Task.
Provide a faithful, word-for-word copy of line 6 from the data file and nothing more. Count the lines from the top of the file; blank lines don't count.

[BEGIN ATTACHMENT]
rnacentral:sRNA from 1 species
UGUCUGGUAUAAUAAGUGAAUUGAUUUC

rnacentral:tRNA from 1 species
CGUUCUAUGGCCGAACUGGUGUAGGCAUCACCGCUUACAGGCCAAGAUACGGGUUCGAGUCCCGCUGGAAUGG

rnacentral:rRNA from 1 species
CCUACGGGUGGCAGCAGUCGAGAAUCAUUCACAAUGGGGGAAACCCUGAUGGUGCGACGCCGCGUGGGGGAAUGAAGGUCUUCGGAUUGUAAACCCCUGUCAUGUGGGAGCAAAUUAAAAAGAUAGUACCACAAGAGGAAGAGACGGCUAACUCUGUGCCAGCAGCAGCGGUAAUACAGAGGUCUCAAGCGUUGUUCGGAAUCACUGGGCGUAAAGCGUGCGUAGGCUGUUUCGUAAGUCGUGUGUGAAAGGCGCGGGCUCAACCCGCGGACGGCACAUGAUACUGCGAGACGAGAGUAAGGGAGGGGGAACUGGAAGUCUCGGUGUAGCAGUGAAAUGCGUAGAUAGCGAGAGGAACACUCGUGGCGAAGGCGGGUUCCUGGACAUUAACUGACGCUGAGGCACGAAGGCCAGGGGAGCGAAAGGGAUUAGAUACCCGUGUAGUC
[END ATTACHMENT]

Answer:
CCUACGGGUGGCAGCAGUCGAGAAUCAUUCACAAUGGGGGAAACCCUGAUGGUGCGACGCCGCGUGGGGGAAUGAAGGUCUUCGGAUUGUAAACCCCUGUCAUGUGGGAGCAAAUUAAAAAGAUAGUACCACAAGAGGAAGAGACGGCUAACUCUGUGCCAGCAGCAGCGGUAAUACAGAGGUCUCAAGCGUUGUUCGGAAUCACUGGGCGUAAAGCGUGCGUAGGCUGUUUCGUAAGUCGUGUGUGAAAGGCGCGGGCUCAACCCGCGGACGGCACAUGAUACUGCGAGACGAGAGUAAGGGAGGGGGAACUGGAAGUCUCGGUGUAGCAGUGAAAUGCGUAGAUAGCGAGAGGAACACUCGUGGCGAAGGCGGGUUCCUGGACAUUAACUGACGCUGAGGCACGAAGGCCAGGGGAGCGAAAGGGAUUAGAUACCCGUGUAGUC